March of 2010 was the last time we heard from Todd Mcfarlane, author of SPAWN the comic book, which saw big-screen adaptation from Mark A.Z. Dippe in 1997. In our last article, McFarlane was explaining how we saw a low-budget SPAWN reboot (sequel) as the absolute best way to go. Almost a year later, dude's beating the same old drum. Peep it...
Speaking with The L.A. Times, McFarlane had a lot to say about a newfangled SPAWN. Let's just dive right into it:
"One of the things that happened is after the first movie came out I started the toy company and sort of got distracted. But these days, as you might imagine, with the [Hollywood] success of Batman and Spider-Man and some of the Marvel titles, everybody's on a comic-book buying binge and the phone constantly rings. My attitude toward it is I can't get my head wrapped around some big special-effects movie with a super-villain in there.
There will be plenty of those and they've done pretty well. I've always seen Spawn as being cut from a different cloth. It's more of an urban, psychological story that's being told. The answer I've given the last few years is that Spawn should be a small-budget movie in which the only thing that's out of the ordinary is this thing that intellectually we know as Spawn and there would only be a handful of people that see it. I call it "it" because it never talks, it's just a force of nature. Really, the story revolves around the people who are trying to decide: "Is the ghost alive? Is the shadow actually moving?" When I give that pitch, some of the executives scratch their heads. To a lot of people, a movie where the [title] character doesn't talk doesn't make any sense. There have been a few movies like that. "Alien," you know, that guy didn't say much. Or " Jaws," the shark didn't have too many speaking lines. "Jaws" is the closest example, the movie wasn't about the shark, it's about the people chasing the shark."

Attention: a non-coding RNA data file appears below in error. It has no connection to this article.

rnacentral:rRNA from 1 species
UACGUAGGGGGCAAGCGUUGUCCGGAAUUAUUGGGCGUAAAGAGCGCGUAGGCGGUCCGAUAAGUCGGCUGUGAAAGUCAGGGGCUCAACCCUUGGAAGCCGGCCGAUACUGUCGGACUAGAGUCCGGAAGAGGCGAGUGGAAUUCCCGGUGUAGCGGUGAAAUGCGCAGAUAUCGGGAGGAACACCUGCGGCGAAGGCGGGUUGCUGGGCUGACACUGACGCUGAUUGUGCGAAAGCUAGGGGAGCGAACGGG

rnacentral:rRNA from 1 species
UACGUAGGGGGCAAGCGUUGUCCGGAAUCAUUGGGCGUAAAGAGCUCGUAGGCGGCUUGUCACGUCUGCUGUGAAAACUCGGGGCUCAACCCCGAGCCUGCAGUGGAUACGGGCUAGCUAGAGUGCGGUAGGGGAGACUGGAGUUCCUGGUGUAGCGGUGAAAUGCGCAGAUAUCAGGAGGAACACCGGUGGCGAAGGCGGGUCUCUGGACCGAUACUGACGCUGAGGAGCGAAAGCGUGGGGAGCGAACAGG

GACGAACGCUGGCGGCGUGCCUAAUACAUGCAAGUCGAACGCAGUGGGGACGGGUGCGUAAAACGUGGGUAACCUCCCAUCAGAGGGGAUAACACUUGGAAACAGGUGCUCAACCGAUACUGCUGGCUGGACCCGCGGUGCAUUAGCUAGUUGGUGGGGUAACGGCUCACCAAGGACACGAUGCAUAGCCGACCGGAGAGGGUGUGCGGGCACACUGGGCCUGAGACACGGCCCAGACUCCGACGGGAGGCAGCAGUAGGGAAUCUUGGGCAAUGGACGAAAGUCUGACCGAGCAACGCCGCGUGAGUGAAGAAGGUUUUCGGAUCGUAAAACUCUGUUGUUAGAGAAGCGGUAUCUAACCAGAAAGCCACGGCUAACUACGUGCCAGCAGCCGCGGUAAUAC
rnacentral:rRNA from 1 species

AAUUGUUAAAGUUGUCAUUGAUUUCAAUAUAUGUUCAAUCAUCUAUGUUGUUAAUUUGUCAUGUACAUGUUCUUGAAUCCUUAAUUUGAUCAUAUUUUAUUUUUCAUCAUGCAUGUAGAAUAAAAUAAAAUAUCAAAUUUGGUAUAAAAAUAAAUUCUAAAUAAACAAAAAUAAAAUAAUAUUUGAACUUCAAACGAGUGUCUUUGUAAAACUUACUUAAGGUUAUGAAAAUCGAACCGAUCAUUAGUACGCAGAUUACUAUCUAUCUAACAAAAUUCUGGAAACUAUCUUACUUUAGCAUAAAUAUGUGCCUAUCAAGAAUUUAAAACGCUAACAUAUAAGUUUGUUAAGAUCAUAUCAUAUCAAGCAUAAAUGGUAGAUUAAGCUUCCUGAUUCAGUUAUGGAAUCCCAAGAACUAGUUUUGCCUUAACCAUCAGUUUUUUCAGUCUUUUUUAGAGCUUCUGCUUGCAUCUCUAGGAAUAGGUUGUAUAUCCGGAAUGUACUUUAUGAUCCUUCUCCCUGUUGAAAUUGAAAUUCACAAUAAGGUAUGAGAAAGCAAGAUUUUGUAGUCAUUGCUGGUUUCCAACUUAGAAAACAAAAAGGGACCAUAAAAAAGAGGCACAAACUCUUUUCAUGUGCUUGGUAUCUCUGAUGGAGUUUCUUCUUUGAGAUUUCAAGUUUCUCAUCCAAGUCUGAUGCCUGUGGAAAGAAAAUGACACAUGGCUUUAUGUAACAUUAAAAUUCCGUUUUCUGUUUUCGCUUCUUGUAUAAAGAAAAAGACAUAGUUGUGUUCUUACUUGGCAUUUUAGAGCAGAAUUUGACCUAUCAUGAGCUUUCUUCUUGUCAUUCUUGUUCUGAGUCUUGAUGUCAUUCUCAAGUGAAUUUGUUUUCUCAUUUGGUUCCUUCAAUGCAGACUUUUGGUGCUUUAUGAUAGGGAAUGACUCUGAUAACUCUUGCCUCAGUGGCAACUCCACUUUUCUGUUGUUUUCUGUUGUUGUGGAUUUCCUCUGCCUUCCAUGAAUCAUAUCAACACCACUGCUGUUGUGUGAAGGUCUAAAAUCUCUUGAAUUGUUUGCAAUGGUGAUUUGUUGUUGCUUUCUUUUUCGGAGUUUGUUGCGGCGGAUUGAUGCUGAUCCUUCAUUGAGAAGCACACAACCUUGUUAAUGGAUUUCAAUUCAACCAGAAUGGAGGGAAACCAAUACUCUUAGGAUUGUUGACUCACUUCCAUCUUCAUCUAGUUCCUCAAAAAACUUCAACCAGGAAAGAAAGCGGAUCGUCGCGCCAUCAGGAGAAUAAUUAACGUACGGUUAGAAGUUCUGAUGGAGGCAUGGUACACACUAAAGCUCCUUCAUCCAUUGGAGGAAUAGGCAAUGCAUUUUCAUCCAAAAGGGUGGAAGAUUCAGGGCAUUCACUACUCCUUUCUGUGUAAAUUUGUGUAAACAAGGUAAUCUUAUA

"The idea I pitch is that the movie shouldn't be about superheroes and laser beams - it's about the id of people and the group of people caught up in the story and seeing things out of the corner of their eye. And when I give the pitch, I also say that I will write and direct it. There's the nonnegotiable pieces of it. Then I have four suitors who say, "Yeah, cool, when do we start?" It means we're not looking for a $20-million actor and we're not looking for a big-budget extravaganza with lots of special effects. The story that I pitch is very tight, very contained, but done right.
I want a movie that gets people's hearts racing. I want to scare them. Spawn, done right, is a creepy character. Instead of a superhero who just stands there. That's why Batman was always the coolest of all the good guys. I never had one moment of affinity for [Superman]. He was a Boy Scout right from the moment he hit the ground. He was always polite and said the right thing.
I never felt like he was in danger because he could spin planets on his finger. Batman is a guy who could die if you threw him out of a window. More than that, even though he had women throwing themselves at him and millions of dollars, all he wanted to do was to wait until 3 a.m. and the pitch of black and say, "time to put the costume on and scare the bad guys." I relate way more to that guy. Spawn is Batman untethered, without the corporation behind it. Batman without limits, Batman who kills the Joker."
Dude's got some pretty interesting ideas floating around in the ol' noggin, ay? Which parts, if any, do you agree with? Disagree with?